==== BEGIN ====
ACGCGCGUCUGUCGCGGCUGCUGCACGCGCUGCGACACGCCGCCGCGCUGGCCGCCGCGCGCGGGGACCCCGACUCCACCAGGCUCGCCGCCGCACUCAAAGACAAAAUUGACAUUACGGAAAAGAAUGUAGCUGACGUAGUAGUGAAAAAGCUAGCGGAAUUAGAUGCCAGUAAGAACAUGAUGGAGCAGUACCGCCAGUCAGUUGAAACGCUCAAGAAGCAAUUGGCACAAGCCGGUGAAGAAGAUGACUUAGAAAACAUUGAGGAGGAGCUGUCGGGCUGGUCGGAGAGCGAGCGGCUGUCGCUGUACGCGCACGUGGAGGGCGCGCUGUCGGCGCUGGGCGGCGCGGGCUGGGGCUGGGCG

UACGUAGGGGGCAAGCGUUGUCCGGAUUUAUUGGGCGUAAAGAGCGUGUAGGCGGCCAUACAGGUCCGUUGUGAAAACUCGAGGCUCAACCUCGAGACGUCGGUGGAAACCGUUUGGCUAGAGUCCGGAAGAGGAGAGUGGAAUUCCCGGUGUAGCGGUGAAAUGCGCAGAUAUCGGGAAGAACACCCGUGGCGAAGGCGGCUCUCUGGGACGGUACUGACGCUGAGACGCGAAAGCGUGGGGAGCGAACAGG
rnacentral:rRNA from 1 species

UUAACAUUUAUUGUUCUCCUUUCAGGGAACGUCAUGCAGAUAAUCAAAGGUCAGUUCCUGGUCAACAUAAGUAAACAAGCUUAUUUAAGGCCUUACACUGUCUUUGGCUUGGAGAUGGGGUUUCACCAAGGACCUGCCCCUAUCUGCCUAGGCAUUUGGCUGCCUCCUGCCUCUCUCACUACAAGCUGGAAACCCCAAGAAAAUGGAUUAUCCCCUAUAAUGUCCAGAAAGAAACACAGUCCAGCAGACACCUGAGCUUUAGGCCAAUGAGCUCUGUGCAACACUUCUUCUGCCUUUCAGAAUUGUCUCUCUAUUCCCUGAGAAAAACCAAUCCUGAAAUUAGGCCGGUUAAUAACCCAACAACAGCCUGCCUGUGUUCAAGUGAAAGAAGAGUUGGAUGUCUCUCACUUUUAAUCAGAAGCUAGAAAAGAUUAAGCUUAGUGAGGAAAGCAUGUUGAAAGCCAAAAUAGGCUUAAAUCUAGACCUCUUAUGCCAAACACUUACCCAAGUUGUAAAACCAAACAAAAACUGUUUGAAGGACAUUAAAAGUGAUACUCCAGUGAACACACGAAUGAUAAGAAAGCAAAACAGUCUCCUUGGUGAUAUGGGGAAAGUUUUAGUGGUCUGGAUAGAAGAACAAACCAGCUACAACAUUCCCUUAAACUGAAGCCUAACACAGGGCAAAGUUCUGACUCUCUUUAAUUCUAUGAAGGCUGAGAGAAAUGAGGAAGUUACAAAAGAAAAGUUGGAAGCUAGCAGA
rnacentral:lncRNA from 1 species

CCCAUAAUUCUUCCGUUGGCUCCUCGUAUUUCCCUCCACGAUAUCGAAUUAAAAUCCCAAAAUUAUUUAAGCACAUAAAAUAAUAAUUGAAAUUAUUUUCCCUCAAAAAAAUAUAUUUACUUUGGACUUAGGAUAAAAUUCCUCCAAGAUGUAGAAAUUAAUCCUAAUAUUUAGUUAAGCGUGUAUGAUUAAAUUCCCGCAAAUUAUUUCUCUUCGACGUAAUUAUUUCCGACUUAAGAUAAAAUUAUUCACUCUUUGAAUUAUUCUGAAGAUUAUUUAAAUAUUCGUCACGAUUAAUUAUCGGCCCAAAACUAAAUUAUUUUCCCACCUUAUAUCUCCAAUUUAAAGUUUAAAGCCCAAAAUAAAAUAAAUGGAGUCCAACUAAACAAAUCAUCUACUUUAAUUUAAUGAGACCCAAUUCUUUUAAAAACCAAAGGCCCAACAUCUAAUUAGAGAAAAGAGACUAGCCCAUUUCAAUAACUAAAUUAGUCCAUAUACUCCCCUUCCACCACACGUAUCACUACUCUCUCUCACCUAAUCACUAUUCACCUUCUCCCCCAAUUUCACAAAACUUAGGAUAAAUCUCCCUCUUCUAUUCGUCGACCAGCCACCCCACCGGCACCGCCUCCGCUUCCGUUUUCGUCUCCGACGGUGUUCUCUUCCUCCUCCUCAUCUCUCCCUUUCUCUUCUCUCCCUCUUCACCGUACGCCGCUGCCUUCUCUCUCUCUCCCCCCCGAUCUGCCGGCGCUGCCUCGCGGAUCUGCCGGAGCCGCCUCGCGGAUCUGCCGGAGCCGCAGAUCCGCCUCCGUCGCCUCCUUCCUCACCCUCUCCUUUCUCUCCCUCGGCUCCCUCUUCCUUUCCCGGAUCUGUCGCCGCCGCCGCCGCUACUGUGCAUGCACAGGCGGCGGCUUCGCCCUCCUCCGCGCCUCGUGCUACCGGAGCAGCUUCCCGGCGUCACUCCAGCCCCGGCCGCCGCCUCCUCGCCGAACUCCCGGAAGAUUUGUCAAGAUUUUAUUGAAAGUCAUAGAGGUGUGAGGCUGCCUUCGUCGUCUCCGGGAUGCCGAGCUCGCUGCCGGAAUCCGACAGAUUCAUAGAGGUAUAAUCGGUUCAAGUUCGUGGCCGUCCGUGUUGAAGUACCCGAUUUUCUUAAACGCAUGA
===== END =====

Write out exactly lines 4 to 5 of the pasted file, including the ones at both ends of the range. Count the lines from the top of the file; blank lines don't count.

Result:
UUAACAUUUAUUGUUCUCCUUUCAGGGAACGUCAUGCAGAUAAUCAAAGGUCAGUUCCUGGUCAACAUAAGUAAACAAGCUUAUUUAAGGCCUUACACUGUCUUUGGCUUGGAGAUGGGGUUUCACCAAGGACCUGCCCCUAUCUGCCUAGGCAUUUGGCUGCCUCCUGCCUCUCUCACUACAAGCUGGAAACCCCAAGAAAAUGGAUUAUCCCCUAUAAUGUCCAGAAAGAAACACAGUCCAGCAGACACCUGAGCUUUAGGCCAAUGAGCUCUGUGCAACACUUCUUCUGCCUUUCAGAAUUGUCUCUCUAUUCCCUGAGAAAAACCAAUCCUGAAAUUAGGCCGGUUAAUAACCCAACAACAGCCUGCCUGUGUUCAAGUGAAAGAAGAGUUGGAUGUCUCUCACUUUUAAUCAGAAGCUAGAAAAGAUUAAGCUUAGUGAGGAAAGCAUGUUGAAAGCCAAAAUAGGCUUAAAUCUAGACCUCUUAUGCCAAACACUUACCCAAGUUGUAAAACCAAACAAAAACUGUUUGAAGGACAUUAAAAGUGAUACUCCAGUGAACACACGAAUGAUAAGAAAGCAAAACAGUCUCCUUGGUGAUAUGGGGAAAGUUUUAGUGGUCUGGAUAGAAGAACAAACCAGCUACAACAUUCCCUUAAACUGAAGCCUAACACAGGGCAAAGUUCUGACUCUCUUUAAUUCUAUGAAGGCUGAGAGAAAUGAGGAAGUUACAAAAGAAAAGUUGGAAGCUAGCAGA
rnacentral:lncRNA from 1 species